RESEARCH TRAINGLE PARK, N.C. – Some of our recent commentaries about the demise of municipal wireless fidelity (WiFi) networks are premature, an analyst working on WiFi projects wrote in a recent note to The Skinny.
The peg for our comments has been EarthLink’s financial restructuring and the Internet Service Provider’s decision to pull back on its WiFi efforts. Major projects in San Francisco, Houston and Chicago are in trouble.
However, Jim Aimone, a consultant who is working in the WiFi space on municipal, on “muni” for short, projects, says WiFi is going strong elsewhere.
“Sorry, you are reading to much national media on this EartLlink flame out,” Aimone wrote. “The Wireless Mesh Metro market is healthy and will survive as Muni begin to select the technology as well as the provider.
“Earthlink stuck with a 1st generation product (Tropos one radio mesh)that caused them to overrun their business case/model when their deployments went from 20 Nodes/Sq Mile to 40 Nodes/Sq Mile to cover an area. The rest of the excuses are just spin.”
In other words, better technology solutions that are less expensive are available. Aimone sees more “muni” efforts coming as a result.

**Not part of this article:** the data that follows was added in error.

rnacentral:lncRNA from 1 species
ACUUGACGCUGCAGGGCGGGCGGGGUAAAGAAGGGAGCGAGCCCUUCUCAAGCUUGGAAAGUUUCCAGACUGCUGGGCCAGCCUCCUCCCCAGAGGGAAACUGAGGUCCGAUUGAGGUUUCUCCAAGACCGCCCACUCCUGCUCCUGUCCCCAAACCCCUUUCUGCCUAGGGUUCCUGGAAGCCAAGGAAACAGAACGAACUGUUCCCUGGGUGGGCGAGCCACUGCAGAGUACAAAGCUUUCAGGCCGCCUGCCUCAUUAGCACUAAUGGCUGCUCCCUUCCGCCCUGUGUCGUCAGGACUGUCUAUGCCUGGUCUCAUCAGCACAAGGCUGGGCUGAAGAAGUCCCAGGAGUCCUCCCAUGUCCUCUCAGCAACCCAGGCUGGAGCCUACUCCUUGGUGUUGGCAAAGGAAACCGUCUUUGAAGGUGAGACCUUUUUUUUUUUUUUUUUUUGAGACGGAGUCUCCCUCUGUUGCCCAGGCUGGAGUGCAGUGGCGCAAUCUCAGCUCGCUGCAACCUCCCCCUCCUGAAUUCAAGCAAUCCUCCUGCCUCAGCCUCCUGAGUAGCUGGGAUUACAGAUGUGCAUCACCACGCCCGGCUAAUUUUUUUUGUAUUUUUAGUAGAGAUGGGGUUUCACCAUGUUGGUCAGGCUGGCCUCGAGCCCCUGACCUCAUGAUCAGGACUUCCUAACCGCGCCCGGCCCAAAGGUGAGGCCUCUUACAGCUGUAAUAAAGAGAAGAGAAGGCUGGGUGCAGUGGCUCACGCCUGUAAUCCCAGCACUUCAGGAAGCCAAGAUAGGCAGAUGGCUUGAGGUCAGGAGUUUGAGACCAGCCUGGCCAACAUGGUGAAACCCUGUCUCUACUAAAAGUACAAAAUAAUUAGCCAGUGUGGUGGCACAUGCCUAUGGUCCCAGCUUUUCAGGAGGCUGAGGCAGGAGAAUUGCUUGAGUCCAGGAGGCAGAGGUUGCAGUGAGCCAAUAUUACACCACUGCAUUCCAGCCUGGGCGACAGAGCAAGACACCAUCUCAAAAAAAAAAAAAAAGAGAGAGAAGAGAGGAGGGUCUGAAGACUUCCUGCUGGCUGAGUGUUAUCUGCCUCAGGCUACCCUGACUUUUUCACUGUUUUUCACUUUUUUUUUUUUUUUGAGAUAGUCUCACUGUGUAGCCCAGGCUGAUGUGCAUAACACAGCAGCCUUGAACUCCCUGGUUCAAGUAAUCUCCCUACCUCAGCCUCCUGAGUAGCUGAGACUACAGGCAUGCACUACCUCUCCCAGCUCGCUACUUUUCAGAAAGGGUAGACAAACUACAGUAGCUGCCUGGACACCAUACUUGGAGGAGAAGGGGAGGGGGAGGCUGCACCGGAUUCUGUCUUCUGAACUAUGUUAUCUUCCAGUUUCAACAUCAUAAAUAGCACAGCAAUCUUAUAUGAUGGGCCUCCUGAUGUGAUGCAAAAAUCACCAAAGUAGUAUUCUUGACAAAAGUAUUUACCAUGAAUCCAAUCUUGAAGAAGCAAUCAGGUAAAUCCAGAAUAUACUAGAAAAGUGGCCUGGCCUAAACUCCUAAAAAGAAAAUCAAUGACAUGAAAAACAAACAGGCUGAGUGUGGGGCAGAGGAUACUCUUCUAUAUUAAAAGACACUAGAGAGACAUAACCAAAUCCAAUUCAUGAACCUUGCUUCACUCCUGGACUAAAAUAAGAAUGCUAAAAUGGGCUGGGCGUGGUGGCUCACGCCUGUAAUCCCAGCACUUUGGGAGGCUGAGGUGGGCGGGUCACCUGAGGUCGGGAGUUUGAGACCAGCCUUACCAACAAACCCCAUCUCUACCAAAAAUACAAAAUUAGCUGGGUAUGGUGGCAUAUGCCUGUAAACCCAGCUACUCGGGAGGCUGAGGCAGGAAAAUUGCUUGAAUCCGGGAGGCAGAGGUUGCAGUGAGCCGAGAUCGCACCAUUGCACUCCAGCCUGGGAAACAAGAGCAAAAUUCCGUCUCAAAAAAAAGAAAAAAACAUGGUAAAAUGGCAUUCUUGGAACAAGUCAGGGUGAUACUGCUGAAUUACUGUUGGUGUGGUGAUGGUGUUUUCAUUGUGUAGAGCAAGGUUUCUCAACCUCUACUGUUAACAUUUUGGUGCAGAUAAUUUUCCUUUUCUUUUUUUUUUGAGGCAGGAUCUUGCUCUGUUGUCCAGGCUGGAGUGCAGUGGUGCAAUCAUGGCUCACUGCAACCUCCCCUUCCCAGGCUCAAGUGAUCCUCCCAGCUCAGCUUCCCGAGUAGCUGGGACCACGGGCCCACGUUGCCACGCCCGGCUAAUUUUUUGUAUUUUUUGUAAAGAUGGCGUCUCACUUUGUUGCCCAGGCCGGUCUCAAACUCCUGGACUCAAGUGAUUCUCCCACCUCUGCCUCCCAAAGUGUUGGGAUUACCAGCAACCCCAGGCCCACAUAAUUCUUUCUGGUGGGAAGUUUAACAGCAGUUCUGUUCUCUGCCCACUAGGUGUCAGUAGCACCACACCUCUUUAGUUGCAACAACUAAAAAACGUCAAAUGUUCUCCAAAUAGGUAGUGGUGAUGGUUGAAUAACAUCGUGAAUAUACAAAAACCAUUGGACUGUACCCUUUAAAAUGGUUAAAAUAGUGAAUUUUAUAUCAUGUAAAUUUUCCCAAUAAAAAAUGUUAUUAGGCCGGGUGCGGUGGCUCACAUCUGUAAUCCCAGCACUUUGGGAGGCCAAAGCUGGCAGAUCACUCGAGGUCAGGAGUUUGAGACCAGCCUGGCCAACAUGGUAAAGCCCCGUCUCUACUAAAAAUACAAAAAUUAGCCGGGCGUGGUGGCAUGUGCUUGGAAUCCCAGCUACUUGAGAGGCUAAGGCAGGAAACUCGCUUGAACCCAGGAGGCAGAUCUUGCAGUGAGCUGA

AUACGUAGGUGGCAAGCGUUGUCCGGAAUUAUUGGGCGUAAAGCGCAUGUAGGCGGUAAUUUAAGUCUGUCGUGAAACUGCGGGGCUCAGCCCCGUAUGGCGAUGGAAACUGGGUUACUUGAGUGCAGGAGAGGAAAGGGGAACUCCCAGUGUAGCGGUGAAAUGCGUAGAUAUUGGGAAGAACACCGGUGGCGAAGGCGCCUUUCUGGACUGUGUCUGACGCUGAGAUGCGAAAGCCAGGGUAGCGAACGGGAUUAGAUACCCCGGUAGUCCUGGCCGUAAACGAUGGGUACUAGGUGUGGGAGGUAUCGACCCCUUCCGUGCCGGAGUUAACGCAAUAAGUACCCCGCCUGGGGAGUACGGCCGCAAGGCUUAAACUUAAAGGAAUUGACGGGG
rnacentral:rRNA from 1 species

As for our suggestion that the WiFi challenges could mean a boost for WiMax, which has longer range, Aimone has a different view.
“The WiMAX networks being planned are based on a spectrum (2.5Ghz) that will cause them problems in many Urban and all rural markets where foliage appears-2.5Ghz will not penetrate foliage-PERIOD,” he said. “So they will need an alternative to operate below the trees in urban markets and that will be the Mesh Networks.
“Also, all this will be mute come 2010 when 3rd parties who win the new 700Mhz spectrum begin deploying their new Wireless Broadband services. WiMAX, unless it incorporates the 700Mhz radios will be sidelined and Mesh Networks will be primarily used for Video Surveillance and other very high speed services.”
This 700Mhz spectrum has drawn considerable interest from Google, which is likely to bid against big carriers such as AT&T for rights to that bandwidth. Frontline, which is based in Greensboro, also has plans to build a nationwide network in that space.
By the way, Aimone has more than five years of experience in broadband wireless and is a strategic analyst and planner. You can contact him at: firstname.lastname@example.org.